.Net, Data Sources, MS Exchange, MS Office, MS Outlook, Outlook, Outlook 2010, Programming, Software, VB.NET, Visual Studio, VSTO

Programatically Connecting to MS Exchange Using EWS

You can do a lot with your code when you write an application that communicates with your Exchange server. But getting the setup to work for you in Visual Studio isn’t always as intuitive as it should be. Here are the steps I went through getting my project in Visual Studio set up and connecting to MS Exchange.
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.Net, ADO.NET, ASP.NET, Data Sources, Database, DataSet, DataTable, DB Connection Example, Example Connection, GridView, Programming, SQLDataAdapter, VB.NET, Web Development, WebForms

VB.NET Basic Database Query Examples

Here is my compilation of example code for a variety of database operations¬†written in VB.NET These range from: Continue reading “VB.NET Basic Database Query Examples”

.Net, ASP.NET, Data Sources, Database, Programming, Software, SQL, SQL Server 2000, SQL Server 2005, SQL Server 2008, SQL Tips, Transact-SQL, tSQL, VB.NET, Visual Studio 2010, Web Development, XML

SQL Server – Pass a List from your ASP.NET Code to a Stored Procedure using XML

Sometimes while developing a tool, a developer needs to pass a list of values with a variable size to their database. There are several ways of doing so, one of which involves passing the list in XML format.

The introduction of SQL Server 2005 offered the use of XML datatypes, which had not existed in previous versions of SQL Server. The good thing about the XML datatype is that it is not just good for storing information in XML format, but also has advantages such as being fully query-able similar to a database table.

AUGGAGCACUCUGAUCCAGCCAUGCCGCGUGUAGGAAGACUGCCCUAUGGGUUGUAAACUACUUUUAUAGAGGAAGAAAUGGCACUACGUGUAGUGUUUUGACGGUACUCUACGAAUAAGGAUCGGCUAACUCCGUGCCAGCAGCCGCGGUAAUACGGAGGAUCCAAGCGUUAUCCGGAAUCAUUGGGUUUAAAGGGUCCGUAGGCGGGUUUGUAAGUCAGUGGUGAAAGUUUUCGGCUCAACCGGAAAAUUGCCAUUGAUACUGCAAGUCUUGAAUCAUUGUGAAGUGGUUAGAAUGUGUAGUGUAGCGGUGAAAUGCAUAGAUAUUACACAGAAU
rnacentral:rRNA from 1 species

As you look through this example, please feel free to check out other articles I have written for more SQL Tips

Here are the three main ways of passing lists of parameters to the different versions of SQL Server

A big benefit of the XML datatype is the ability to pass lists of items to stored procedures as XML format parameters. In SQL Server 2000 one would have to pass a list of parameters as a String that would then need to be parsed into its components in the Stored Procedure. This a tedious process that could easily introduce parsing errors. Subsequent versions of SQL Server have added extra ways in which to pass information lists to Stored Procedures:

  1. As a character-separated list contained in a String (VARCHAR) variable –¬†SQL Server 2000 +
  2. As an XML variable – SQL Server 2005 +
  3. As a table variable – SQL Server 2008 +

As you can see from the list above, the methods of passing lists to stored procedures have increased in number over the last few iterations of SQL Server. The catch of course is that as a developer you will need to adapt your code to whichever instance of SQL Server your project is based on.

Continue reading “SQL Server – Pass a List from your ASP.NET Code to a Stored Procedure using XML”